Holiday pictures can ruin your trip, science says

We all love travel pictures. But sometimes, it’s better to keep your camera in your pocket, science says.


“Oh, OH! WHAT A MOMENT! Let’s capture this with a picture we’ll never forget!”

Do you recognize yourself? If not, you’re either a very rare species, allergic to smartphones or have an exceptionally boring life. That fact that you are surfing on a travel blog doesn’t make us believe in option number 3, a smartphone allergy is, as far is we know, as widespread as IQ points among racists. Leaves option one which is, as mentioned, quite rare.

Holiday pictures everywhere

But as long as you are like most other people in the modern world today, your first reflex when encountering a moment you truly want to remember, is pulling out your smartphone and make some (i.e. at least ten) pictures.

Here’s our secret advice: STOP DOING THAT!

Why? Because your ruining the moment for yourself. And that’s not our opinion, it’s scientifically proven.


You know those moments, not only from traveling, when you are more engaged in trying to get the right angle, the perfect light, and the best perspective so you have a great picture to show when you come home or to hang up as a picture than to enjoy the scenery. The urge to capture a moment has grown to us with our smartphones.

Don’t get us wrong, we also take pictures all the time. It seems to have been injected into our DNA during the last couple of years. The rise of the smartphone has made it inevitable that there is hardly a moment of the day when there’s no picture taken by someone somewhere.

Travel pictures can be great

Your journeys can – and should – produce marvelous pictures. And what would a trip be without showing your best pictures at home? Those travel bloggers here can tell you a thing or two about it:

This beautiful sunset moment at the Burning Man Festival by Stuck in Customs, for instance.

A last Embrace at sunset… @burningmanusa #burningman #burningmanusa #embrace #blackrockcity

Ein von Trey Ratcliff (@treyratcliff) gepostetes Foto am

Or this action moment in Guatemala by Adventurous Kate

Or this peaceful backpacking moment with The Blonde Abroad.

To say that my first backpacking trip was epic would be a serious understatement! My friend Eric (@upindaclubs) and I spent the weekend in Yosemite's backcountry completely disconnected from our digital lives to reconnect with nature. ••••••••••••••••••••••••••••••••••••••••••••••••••••••••• Not only does Eric have one of the best Instagram usernames out there, he's also the co-founder of @hipcamp- a company that makes it easier to discover great places to go camping across the U.S.! Go check out their account for all kinds of awesome in the great outdoors ??? ••••••••••••••••••••••••••••••••••••••••••••••••••••••••• More Yosemite moments shared shortly! ? #findyourselfoutside

Ein von KIERSTEN ✈️ THE BLONDE ABROAD (@theblondeabroad) gepostetes Foto am

But sometimes they are disturbing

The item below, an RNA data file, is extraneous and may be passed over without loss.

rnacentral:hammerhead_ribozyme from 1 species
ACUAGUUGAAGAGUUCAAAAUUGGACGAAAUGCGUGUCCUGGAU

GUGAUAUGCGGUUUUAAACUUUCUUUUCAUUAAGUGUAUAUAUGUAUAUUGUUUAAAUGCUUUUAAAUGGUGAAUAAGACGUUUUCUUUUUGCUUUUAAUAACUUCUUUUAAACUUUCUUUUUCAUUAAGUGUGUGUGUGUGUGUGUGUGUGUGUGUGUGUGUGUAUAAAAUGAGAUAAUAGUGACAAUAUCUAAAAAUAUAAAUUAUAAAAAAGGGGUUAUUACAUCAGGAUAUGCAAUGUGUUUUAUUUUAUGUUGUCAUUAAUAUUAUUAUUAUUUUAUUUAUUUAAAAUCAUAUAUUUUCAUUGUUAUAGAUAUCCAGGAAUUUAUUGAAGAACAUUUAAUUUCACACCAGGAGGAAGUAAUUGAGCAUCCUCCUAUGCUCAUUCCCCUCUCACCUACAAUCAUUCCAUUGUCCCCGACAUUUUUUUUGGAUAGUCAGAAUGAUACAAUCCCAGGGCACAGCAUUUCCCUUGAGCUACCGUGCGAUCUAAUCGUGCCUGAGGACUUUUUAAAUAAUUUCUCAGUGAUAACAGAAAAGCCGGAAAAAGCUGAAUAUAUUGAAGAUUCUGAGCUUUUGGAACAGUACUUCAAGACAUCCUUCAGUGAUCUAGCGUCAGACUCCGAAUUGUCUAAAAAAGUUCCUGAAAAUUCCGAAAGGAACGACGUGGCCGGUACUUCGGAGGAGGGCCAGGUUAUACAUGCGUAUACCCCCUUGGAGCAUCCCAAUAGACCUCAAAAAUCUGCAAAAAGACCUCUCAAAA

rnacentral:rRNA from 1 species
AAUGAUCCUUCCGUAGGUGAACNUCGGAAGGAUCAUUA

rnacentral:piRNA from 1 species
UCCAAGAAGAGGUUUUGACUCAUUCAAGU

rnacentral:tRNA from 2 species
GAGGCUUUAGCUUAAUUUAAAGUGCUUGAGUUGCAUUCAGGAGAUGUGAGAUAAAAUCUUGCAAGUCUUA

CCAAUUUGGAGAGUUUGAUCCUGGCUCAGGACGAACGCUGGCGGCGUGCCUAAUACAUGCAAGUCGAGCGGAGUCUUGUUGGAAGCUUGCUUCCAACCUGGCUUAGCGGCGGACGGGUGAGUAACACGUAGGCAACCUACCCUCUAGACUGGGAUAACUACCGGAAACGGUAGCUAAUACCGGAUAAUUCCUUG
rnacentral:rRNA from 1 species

Nevertheless, if you want to memorize a moment, a scene or a picture in your head, the best way to do this is to stay in the moment, not let yourself be distracted by things like your smartphone, your camera or your travel guide. Focus on this terrific moment and try to experience it with your whole body and mind. Try it: Close your eyes and think of an overwhelming, perfect moment during one of your trips. The one that you remember the most of the whole trip. Was it while taking a picture?

travel moment

This study covered by covers our advice and found out that the best way to memorize a moment is to completely and consciously be in the moment – and not by pictures.

They even invented a name for it. They call it the “photo-taking impairment effect”. The conductor of the study, Dr. Linda Henkel, explains it like this:

“When people rely on technology to remember for them — counting on the camera to record the event and thus not needing to attend to it fully themselves — it can have a negative impact on how well they remember their experiences,”

It might be against your nature not to take a picture of a moment worth memorizing. But sometimes, this moment is for your, just for you. Not your friends and family, not your travel diary and not your picture wall. Do yourself a favor and create memories in your head that are long lasting, no matter whether you have an image to remind you of it. Your future self will be thankful.

About the author

Alex from tripsuit


Hi, I am Alex from tripsuit, travel enthusiast and into data and everything digital! I lead the travel lab, analyzing the travel world using data science to uncover the hidden logic behind travel.

What others say

  1. I completely agree! Instagramming and sharing pics on Facebook is the worst. I’ve watched some of my friends spend an entire 3-day trip instgramming the whole thing or sharing pics on facebook and I wonder if they were even there to actually experience anything. One or two pics is fine but if you’re spending the entire time watching your trip from behind a camera lens or iphone screen then you may have as well stayed home and read a travel blog. You lose the moment and you cheat yourself from truly experiencing a spectacular memory – a feeling a picture just cannot capture.

  2. It’s become some kind of standard to photograph everything you see or want to remember. Maybe we need some time to get used to ALWAYS be able to take pictures.. maybe in a couple of years, it’s not that special anymore… I hope 😉

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